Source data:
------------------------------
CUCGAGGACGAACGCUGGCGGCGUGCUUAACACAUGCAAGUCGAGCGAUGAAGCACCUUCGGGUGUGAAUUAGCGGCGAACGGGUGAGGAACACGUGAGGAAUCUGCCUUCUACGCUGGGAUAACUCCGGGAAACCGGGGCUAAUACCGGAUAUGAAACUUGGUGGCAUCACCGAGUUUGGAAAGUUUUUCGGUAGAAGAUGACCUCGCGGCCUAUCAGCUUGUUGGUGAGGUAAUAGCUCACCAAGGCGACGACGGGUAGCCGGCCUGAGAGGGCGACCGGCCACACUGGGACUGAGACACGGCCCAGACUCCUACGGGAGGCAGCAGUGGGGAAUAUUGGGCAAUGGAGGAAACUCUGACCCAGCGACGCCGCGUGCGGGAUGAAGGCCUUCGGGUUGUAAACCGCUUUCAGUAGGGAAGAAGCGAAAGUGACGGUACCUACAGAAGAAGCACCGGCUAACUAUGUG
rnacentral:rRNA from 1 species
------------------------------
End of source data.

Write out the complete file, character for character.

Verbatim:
CUCGAGGACGAACGCUGGCGGCGUGCUUAACACAUGCAAGUCGAGCGAUGAAGCACCUUCGGGUGUGAAUUAGCGGCGAACGGGUGAGGAACACGUGAGGAAUCUGCCUUCUACGCUGGGAUAACUCCGGGAAACCGGGGCUAAUACCGGAUAUGAAACUUGGUGGCAUCACCGAGUUUGGAAAGUUUUUCGGUAGAAGAUGACCUCGCGGCCUAUCAGCUUGUUGGUGAGGUAAUAGCUCACCAAGGCGACGACGGGUAGCCGGCCUGAGAGGGCGACCGGCCACACUGGGACUGAGACACGGCCCAGACUCCUACGGGAGGCAGCAGUGGGGAAUAUUGGGCAAUGGAGGAAACUCUGACCCAGCGACGCCGCGUGCGGGAUGAAGGCCUUCGGGUUGUAAACCGCUUUCAGUAGGGAAGAAGCGAAAGUGACGGUACCUACAGAAGAAGCACCGGCUAACUAUGUG
rnacentral:rRNA from 1 species